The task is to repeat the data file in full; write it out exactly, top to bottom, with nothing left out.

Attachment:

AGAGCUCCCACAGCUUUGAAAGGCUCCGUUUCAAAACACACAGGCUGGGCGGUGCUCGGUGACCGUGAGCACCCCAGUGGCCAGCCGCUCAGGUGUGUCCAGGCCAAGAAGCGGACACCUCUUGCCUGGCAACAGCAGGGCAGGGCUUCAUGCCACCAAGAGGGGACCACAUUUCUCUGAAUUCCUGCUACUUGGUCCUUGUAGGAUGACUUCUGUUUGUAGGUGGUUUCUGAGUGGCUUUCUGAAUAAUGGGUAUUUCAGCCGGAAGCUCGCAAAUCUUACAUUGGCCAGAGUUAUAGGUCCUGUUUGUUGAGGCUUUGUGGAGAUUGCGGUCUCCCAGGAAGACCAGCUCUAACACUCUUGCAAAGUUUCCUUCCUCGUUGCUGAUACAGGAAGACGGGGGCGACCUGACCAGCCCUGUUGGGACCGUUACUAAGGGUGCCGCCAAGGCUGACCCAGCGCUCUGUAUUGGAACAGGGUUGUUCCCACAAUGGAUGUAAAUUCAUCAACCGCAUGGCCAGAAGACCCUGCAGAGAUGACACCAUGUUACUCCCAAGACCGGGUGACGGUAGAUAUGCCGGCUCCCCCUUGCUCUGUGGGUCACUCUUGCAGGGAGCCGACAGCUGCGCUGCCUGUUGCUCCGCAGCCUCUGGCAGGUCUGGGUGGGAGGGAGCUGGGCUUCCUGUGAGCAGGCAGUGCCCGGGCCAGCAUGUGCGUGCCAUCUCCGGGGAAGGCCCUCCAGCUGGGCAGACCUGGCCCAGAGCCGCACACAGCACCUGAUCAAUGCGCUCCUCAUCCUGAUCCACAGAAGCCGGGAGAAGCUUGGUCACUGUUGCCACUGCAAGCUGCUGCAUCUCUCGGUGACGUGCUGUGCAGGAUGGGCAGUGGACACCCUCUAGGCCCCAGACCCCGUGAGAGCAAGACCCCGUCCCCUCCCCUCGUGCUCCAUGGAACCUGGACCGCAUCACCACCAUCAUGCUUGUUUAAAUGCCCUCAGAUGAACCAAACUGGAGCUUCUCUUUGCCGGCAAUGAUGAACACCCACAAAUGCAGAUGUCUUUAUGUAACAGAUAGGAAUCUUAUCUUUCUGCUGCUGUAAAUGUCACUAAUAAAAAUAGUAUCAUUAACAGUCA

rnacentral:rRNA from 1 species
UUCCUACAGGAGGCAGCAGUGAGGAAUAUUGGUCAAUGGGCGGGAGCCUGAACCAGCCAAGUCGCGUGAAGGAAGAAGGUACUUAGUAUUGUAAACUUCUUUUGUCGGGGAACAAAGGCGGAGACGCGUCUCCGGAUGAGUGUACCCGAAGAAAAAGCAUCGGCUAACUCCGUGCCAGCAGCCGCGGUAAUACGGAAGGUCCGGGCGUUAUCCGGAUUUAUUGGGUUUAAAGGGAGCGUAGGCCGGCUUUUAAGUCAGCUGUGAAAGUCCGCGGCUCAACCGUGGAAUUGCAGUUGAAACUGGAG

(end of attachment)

AGAGCUCCCACAGCUUUGAAAGGCUCCGUUUCAAAACACACAGGCUGGGCGGUGCUCGGUGACCGUGAGCACCCCAGUGGCCAGCCGCUCAGGUGUGUCCAGGCCAAGAAGCGGACACCUCUUGCCUGGCAACAGCAGGGCAGGGCUUCAUGCCACCAAGAGGGGACCACAUUUCUCUGAAUUCCUGCUACUUGGUCCUUGUAGGAUGACUUCUGUUUGUAGGUGGUUUCUGAGUGGCUUUCUGAAUAAUGGGUAUUUCAGCCGGAAGCUCGCAAAUCUUACAUUGGCCAGAGUUAUAGGUCCUGUUUGUUGAGGCUUUGUGGAGAUUGCGGUCUCCCAGGAAGACCAGCUCUAACACUCUUGCAAAGUUUCCUUCCUCGUUGCUGAUACAGGAAGACGGGGGCGACCUGACCAGCCCUGUUGGGACCGUUACUAAGGGUGCCGCCAAGGCUGACCCAGCGCUCUGUAUUGGAACAGGGUUGUUCCCACAAUGGAUGUAAAUUCAUCAACCGCAUGGCCAGAAGACCCUGCAGAGAUGACACCAUGUUACUCCCAAGACCGGGUGACGGUAGAUAUGCCGGCUCCCCCUUGCUCUGUGGGUCACUCUUGCAGGGAGCCGACAGCUGCGCUGCCUGUUGCUCCGCAGCCUCUGGCAGGUCUGGGUGGGAGGGAGCUGGGCUUCCUGUGAGCAGGCAGUGCCCGGGCCAGCAUGUGCGUGCCAUCUCCGGGGAAGGCCCUCCAGCUGGGCAGACCUGGCCCAGAGCCGCACACAGCACCUGAUCAAUGCGCUCCUCAUCCUGAUCCACAGAAGCCGGGAGAAGCUUGGUCACUGUUGCCACUGCAAGCUGCUGCAUCUCUCGGUGACGUGCUGUGCAGGAUGGGCAGUGGACACCCUCUAGGCCCCAGACCCCGUGAGAGCAAGACCCCGUCCCCUCCCCUCGUGCUCCAUGGAACCUGGACCGCAUCACCACCAUCAUGCUUGUUUAAAUGCCCUCAGAUGAACCAAACUGGAGCUUCUCUUUGCCGGCAAUGAUGAACACCCACAAAUGCAGAUGUCUUUAUGUAACAGAUAGGAAUCUUAUCUUUCUGCUGCUGUAAAUGUCACUAAUAAAAAUAGUAUCAUUAACAGUCA

rnacentral:rRNA from 1 species
UUCCUACAGGAGGCAGCAGUGAGGAAUAUUGGUCAAUGGGCGGGAGCCUGAACCAGCCAAGUCGCGUGAAGGAAGAAGGUACUUAGUAUUGUAAACUUCUUUUGUCGGGGAACAAAGGCGGAGACGCGUCUCCGGAUGAGUGUACCCGAAGAAAAAGCAUCGGCUAACUCCGUGCCAGCAGCCGCGGUAAUACGGAAGGUCCGGGCGUUAUCCGGAUUUAUUGGGUUUAAAGGGAGCGUAGGCCGGCUUUUAAGUCAGCUGUGAAAGUCCGCGGCUCAACCGUGGAAUUGCAGUUGAAACUGGAG